Supreme Court hears challenge by torture victims over MI6-backed rendition
The Supreme Court will today hear a landmark challenge to attempts by the UK government to conceal the role of a top MI6 officer in illegal renditions to Libya.
Five Supreme Court justices will consider the scope of controversial powers for the first time, after Boris Johnson applied to keep key details secret.
The challenge is being brought by Abdul Hakim Belhaj and his wife Fatima Boudchar who were kidnapped, tortured by the CIA , and rendered to Libya with the knowledge and assistance of MI6 in 2004. The couple are challenging the decision of the Director of Public Prosecutions not to charge a former senior MI6 officer, Sir Mark Allen, over his involvement in their ordeal.
The Foreign Secretary, as the minister responsible for the foreign intelligence service, has applied to hold parts of the case behind closed doors under powers in the Justice and Security Act 2013. Mr Belhaj and Ms Boudchar, their lawyers, journalists and the public would all be banned from attending these hearings.
These powers were granted by Parliament for use in non-criminal proceedings and the Supreme Court will be asked to rule that they cannot be used in a legal action relating to a potential prosecution of an MI6 officer.
Cori Crider, attorney for Mr Belhaj and Ms Boudchar at Reprieve, said: “A former top MI6 officer should not be able to avoid accountability to the public by hiding behind powers that were never intended for this purpose.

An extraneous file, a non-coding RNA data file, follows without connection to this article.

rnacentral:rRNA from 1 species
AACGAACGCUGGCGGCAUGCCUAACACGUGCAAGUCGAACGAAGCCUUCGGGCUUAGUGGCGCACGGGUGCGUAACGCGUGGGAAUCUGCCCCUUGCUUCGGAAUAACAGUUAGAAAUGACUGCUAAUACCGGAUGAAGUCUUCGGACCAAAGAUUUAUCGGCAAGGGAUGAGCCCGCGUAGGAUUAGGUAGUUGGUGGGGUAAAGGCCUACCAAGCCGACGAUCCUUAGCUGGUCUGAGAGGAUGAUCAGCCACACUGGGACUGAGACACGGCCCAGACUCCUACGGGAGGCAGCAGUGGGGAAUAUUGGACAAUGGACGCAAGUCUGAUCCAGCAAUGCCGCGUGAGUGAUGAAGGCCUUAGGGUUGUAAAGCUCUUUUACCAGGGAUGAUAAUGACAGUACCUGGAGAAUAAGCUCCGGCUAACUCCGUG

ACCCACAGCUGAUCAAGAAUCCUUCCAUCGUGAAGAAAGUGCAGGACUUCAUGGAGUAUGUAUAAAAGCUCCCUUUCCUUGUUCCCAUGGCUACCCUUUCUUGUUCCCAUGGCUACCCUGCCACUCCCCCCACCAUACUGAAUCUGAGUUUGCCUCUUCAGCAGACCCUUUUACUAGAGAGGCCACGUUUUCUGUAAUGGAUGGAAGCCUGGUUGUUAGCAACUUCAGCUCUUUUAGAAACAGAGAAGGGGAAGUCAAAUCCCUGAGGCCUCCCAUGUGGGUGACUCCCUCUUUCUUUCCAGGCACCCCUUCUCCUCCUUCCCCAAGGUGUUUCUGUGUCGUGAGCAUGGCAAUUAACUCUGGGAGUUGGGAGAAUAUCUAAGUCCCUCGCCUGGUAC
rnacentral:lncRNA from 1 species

“The government hopes to whisper in the judge’s ear about the real reason Sir Mark Allen was let off the hook for his role in the rendition of a pregnant woman and her husband.
“But criminal matters were explicitly excluded from the Justice and Security Act, and rightly so. With something this serious we, the British public, have a right to demand justice is done.”
Solicitor Rosa Curling, from the Human Rights Team at Leigh Day, who is representing the couple, said: “Mr Belhaj and Mrs Boudchar began their legal action in this country because they believed it was a fair, open and transparent legal system in which they could seek justice for their kidnap and torture.
“I hope this hearing will see their belief in the UK justice system was well founded and that cases relating to criminal causes or matters cannot be closed off from open justice.”
Photo credit: UK Supreme Court